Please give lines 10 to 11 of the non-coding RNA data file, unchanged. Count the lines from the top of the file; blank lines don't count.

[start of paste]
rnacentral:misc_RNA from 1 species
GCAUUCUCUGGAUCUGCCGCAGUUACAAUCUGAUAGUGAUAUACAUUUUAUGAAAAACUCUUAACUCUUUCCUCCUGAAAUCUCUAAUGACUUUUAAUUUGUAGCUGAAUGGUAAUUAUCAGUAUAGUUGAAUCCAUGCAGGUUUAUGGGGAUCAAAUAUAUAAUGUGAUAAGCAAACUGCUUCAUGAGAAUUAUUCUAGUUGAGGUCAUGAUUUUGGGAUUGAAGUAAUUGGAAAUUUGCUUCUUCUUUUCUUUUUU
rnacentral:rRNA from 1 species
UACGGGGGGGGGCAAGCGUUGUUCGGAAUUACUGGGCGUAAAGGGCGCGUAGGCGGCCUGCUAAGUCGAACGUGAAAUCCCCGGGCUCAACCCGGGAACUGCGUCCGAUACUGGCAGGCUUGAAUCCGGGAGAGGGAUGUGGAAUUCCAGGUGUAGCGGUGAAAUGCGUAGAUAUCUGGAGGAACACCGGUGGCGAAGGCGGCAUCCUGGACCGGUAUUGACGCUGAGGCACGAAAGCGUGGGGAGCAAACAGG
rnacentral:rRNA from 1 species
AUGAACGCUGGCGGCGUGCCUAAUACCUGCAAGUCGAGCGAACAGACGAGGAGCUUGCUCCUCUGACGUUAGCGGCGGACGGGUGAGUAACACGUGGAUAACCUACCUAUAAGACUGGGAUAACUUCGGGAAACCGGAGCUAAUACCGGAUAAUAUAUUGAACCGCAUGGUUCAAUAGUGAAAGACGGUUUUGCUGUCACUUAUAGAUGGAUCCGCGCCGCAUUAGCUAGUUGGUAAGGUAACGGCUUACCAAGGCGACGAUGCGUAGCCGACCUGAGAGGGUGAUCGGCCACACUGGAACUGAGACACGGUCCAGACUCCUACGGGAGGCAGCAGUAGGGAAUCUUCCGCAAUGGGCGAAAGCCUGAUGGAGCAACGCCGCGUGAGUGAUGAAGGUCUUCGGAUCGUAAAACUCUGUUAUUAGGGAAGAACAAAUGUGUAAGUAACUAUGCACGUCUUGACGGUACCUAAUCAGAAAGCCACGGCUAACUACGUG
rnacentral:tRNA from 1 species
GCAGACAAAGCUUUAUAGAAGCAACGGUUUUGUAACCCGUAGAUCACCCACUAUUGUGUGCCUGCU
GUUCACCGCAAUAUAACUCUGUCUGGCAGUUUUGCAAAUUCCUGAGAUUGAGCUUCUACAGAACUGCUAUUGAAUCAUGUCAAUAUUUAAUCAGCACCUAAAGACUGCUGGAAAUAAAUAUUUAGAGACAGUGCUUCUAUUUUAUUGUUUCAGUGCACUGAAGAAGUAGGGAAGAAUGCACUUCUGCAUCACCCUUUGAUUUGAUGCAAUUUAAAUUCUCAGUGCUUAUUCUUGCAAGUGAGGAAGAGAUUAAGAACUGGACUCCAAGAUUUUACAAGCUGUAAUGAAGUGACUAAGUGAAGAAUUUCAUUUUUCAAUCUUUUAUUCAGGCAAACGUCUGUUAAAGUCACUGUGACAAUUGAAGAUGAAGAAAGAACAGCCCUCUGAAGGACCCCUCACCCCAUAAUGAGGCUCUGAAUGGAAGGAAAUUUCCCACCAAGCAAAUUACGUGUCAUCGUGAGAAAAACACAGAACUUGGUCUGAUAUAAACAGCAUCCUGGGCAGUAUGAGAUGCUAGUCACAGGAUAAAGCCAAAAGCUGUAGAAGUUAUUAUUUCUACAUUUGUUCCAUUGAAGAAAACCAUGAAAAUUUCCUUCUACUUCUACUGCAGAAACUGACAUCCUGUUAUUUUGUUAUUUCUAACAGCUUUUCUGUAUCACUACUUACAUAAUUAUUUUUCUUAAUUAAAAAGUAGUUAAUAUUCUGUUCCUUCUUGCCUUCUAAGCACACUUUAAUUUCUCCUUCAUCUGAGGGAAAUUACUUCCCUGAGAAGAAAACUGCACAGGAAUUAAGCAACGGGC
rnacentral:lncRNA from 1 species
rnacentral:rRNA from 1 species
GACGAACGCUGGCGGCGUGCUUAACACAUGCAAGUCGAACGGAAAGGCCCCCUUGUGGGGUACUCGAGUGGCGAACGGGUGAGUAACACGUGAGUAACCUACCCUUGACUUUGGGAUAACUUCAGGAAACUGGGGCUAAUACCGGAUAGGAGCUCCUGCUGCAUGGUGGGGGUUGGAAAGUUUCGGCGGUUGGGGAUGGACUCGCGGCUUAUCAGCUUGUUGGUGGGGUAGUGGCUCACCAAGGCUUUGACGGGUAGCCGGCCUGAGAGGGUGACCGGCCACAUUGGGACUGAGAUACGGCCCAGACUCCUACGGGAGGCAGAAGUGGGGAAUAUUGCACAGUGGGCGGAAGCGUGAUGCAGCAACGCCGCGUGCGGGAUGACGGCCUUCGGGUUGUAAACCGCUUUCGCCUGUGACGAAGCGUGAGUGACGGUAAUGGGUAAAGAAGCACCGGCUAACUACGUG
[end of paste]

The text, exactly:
rnacentral:lncRNA from 1 species
rnacentral:rRNA from 1 species